Organelle Homeostasis: Biogenesis and Degradation of Endoplasmic Reticulum
Eukaryotic cells differ strikingly in the abundance and architecture of their organelles. Moreover, cells rapidly adjust organelle composition, size and shape to changing conditions, thereby maintaining homeostasis during growth, differentiation, stress and disease. These adaptive responses are mediated by the regulated synthesis of new organelle components and the selective degradation of damaged or redundant ones. The mechanisms underlying organelle homeostasis are of fundamental importance to cell function, and uncovering their molecular nature is a fascinating challenge.
We want to elucidate how cells maintain homeostasis of their endoplasmic reticulum (ER). When the ER cannot process the load of proteins it needs to fold and modify, misfolded proteins accumulate and cause ER stress. To overcome this problem, cells activate the unfolded protein response (UPR), which causes massive expansion of the ER to increase its capacity and induces ER-associated degradation (ERAD) to degrade misfolded proteins. Furthermore, autophagy (cellular self-eating) is turned on. A special type of autophagy, called ER-phagy, selectively targets the ER, likely to destroy terminally misfolded and aggregated proteins. In addition, ER-phagy may control organelle size by mediating ER contraction. Thus, the UPR, ERAD and ER-phagy appear to work together to expand or shrink the ER as needed and relieve ER stress by refolding or degrading damaged proteins.
One particular focus of our lab is ER-phagy. ER-phagy can occur by a macroautophagic mechanism involving autophagosomes (macro-ER-phagy) and a microautophagic mechanism involving direct uptake of substrates at the lysosomal membrane (micro-ER-phagy). Remarkably, micro-ER-phagy does not require the known autophagy genes needed for other types of organelle-selective autophagy but relies on molecular machinery that remains to be discovered. We aim to identify this machinery through yeast genetics, unravel the biochemical mechanisms by which ER-phagy achieves destruction of select portions of the ER and understand the physiological roles of ER-phagy in both yeast and mammalian cells.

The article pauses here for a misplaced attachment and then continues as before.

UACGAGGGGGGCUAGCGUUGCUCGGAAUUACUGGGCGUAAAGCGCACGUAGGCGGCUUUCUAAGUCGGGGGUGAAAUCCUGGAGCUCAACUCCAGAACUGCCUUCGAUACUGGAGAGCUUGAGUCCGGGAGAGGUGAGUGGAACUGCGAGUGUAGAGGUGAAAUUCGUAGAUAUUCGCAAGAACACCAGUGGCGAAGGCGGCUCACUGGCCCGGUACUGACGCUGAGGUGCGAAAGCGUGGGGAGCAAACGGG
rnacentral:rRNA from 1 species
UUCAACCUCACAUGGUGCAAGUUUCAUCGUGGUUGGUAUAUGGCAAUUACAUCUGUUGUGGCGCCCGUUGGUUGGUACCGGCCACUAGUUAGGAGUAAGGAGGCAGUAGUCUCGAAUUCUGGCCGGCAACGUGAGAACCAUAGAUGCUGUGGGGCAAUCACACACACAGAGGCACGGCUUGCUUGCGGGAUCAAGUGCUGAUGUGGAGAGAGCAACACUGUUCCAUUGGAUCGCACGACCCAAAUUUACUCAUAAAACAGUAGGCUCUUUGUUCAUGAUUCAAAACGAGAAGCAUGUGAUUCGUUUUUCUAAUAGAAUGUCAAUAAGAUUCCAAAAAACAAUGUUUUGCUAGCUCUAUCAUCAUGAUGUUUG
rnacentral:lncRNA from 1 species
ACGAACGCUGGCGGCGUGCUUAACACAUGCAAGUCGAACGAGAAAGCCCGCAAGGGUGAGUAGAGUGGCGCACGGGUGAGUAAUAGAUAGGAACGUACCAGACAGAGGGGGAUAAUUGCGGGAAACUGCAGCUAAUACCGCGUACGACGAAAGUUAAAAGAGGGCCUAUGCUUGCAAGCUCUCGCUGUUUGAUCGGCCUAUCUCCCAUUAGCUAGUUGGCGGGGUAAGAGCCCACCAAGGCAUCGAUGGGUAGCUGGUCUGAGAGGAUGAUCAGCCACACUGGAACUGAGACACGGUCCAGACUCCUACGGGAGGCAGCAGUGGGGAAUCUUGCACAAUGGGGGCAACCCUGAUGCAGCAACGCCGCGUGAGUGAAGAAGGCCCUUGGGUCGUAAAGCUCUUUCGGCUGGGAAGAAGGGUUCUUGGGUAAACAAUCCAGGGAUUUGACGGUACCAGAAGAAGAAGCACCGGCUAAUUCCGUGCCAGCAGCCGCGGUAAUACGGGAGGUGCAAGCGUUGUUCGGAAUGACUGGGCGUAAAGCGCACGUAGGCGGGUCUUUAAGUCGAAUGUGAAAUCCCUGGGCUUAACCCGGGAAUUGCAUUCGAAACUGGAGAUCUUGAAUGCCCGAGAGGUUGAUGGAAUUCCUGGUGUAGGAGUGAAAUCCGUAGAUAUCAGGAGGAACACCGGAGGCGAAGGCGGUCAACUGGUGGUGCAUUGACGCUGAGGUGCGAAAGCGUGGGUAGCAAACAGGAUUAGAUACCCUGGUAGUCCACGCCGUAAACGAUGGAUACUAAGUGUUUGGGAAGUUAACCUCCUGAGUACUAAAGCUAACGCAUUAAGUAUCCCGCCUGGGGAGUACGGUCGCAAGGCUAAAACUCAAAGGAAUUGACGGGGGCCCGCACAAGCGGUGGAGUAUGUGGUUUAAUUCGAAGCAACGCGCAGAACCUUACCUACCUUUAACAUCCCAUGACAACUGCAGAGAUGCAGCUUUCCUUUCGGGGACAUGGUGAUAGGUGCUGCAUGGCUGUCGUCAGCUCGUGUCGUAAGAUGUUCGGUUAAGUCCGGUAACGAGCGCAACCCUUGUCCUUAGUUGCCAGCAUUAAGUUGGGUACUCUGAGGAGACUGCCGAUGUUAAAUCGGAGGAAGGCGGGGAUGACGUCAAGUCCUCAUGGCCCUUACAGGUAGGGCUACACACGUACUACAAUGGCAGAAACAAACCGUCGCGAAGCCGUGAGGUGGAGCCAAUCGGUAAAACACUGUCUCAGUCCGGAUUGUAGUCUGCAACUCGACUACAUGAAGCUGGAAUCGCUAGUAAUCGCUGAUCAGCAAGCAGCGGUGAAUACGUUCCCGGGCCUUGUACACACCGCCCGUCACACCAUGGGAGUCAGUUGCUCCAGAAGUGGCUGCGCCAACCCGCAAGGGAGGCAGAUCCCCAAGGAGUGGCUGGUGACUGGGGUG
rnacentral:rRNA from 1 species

ER-phagy. ER stress triggers formation of ER whorls underneath the plasma membrane (A). These whorl then make contact with the lysosomal membrane (B). Finally, they are taken up into the lumen of the yeast lysosome (C). C, cytoplasm; Ly, lysosome; PM, plasma membrane.
Schuck S, Gallagher CM and Walter P. ER-phagy mediates selective degradation of endoplasmic reticulum independently of the core autophagy machinery. Journal of Cell Science, 2014. (Abstract)
Rubio C, Pincus D, Korennykh A, Schuck S, El-Samad H and Walter P. Homeostatic adaptation to endoplasmic reticulum stress depends on Ire1 kinase activity. Journal of Cell Biology, 2011. (Abstract)
Schuck S, Prinz WA, Thorn KS, Voss C and Walter P. Membrane expansion alleviates endoplasmic reticulum stress independently of the unfolded protein response. Journal of Cell Biology, 2009. (Abstract)
Lingwood D, Schuck S, Ferguson C, Gerl MJ and Simons K. Morphological homeostasis by autophagy. Autophagy, 2009. (Abstract)
ER expansion during stress.
(A) Untreated yeast cells expressing Sec63-GFP to highlight the nuclear envelope (n) and the cortical ER (c).
(B) Yeast cells exposed to ER stress have a vastly expanded cortical ER, which extends into the cell interior (arrows). Scale bar, 2 µm.
This movie illustrates our current high-resolution, antropomorphic model of ER-phagy. At the start, a yeast cell with patchy peripheral ER is shown. Upon ER stress, the peripheral ER expands, sends distress signals and forms ER whorls. The yeast lysosome appears, equipped with a boat and a fishing rod. Skillfully, it catches a whorl and gobbles it up. The ER-phagy job done and ER stress resolved, the sated lysosome falls asleep. (Artwork by Karen Moreira)